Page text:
The Italians rather liked Rhodes and Mussolini had a grand holiday villa built in the mountains to the west of the island. The Villa de Vecchi was to be the dictators retirement home but after the Italians were expelled the place was abandoned and fell into disrepair.*
The Italians would later demolish the houses that were built on and around the city walls during the Ottoman era. They also turned the Jewish and Ottoman cemeteries into a green zone surrounding the Medieval Town and whilst they preserved what was left from the Knights’ period they destroyed all of the Ottoman buildings.
During the Second-World-War, following the Italian Armistice of September 8th 1943, the British attempted to get the Italian garrison on Rhodes to change sides but this was anticipated by the German Army, which succeeded in occupying the island. The Allies declined to invade and simply starved the occupiers out instead through a stranglehold blockade. In 1948, together with the other islands of the Dodecanese, Rhodes was united with Greece.
In the morning we visited the City museum which was fascinating but had rather too many old pots to keep my interest for very long and an hour was long enough for both of us so we walked around the harbour and under the city walls around the gardens in what was once the defensive dry moat. We had learnt to say no with some authority by now and dodging the persistent waiters we explored the much quieter Turkish quarter before finding a bar with a shady spot for a lunch time drink.
Later in the afternoon while I sat on the terrace with a book Kim went to a Turkish bath for an exfoliation and a massage but I declined to join her because if truth be known I am quite attached to my dead skin and by this time I was nine days into a self cleansing experiment and a good scrubbing down would have ruined it.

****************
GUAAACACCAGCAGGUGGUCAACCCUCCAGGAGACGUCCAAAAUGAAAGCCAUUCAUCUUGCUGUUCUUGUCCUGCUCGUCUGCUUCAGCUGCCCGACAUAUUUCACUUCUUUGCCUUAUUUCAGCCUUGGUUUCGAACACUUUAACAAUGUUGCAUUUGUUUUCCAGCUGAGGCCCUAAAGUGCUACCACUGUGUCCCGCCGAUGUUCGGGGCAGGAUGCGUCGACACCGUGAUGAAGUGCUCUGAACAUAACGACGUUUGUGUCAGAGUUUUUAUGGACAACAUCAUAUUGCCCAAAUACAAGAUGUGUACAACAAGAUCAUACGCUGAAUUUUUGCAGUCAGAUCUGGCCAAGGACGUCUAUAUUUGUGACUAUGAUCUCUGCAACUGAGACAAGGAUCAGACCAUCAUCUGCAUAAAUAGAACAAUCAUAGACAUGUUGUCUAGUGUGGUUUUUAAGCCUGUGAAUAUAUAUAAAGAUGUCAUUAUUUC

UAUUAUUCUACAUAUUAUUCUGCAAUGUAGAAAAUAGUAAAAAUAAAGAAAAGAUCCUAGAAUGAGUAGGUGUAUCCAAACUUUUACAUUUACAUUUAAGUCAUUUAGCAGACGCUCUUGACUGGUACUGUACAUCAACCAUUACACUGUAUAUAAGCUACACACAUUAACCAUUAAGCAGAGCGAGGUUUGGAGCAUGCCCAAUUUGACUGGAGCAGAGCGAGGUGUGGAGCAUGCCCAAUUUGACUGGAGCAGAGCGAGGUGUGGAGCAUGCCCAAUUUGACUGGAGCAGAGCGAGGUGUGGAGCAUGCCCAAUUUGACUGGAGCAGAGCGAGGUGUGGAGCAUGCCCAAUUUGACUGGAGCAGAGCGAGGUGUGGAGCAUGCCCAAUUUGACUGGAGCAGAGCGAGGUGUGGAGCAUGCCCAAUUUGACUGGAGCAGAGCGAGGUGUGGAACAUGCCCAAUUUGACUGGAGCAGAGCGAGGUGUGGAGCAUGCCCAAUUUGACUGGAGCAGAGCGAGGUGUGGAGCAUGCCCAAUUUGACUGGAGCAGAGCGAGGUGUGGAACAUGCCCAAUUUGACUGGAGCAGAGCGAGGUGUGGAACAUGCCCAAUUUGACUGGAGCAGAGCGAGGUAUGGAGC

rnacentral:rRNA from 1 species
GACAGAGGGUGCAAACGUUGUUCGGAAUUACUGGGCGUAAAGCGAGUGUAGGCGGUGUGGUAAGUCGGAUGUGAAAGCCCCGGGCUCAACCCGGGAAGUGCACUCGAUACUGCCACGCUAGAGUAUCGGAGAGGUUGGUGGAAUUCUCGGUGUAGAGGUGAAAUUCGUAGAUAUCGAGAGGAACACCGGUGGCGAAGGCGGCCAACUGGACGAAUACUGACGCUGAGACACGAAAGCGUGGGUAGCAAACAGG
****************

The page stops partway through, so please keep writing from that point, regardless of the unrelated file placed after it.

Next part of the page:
In the early evening we sat chatting to some people, a New Yorker and a young woman from Lichtenstein who worked together in Luxembourg as investment bankers and a student from Bosnia who studied at the University there. They were young show-offs really and I couldn’t help wondering why they weren’t at work sorting out the banking crisis that people like them at created rather than sitting around on holiday in Rhodes sailing and scuba diving, but chatting to them turned to our advantage when we received an unexpected dinner invitation.
The room owners Sofia and Phillip were cooking for them and as they prepared the tables they invited us to join them for a home prepared meal of dolmades and possibly the best beef stifado we have ever tasted. We had an excellent meal and swapped increasingly boastful travel stories and Sofia told us all about Greek cuisine. We have the recipe for the stifado but we are pessimistically certain that it will take some recreating to achieve that authentic taste.
*(2014) Now the property of the Greek Government it is included in a portfolio of property offered for sale as part of the attempt to relieve the economic crisis.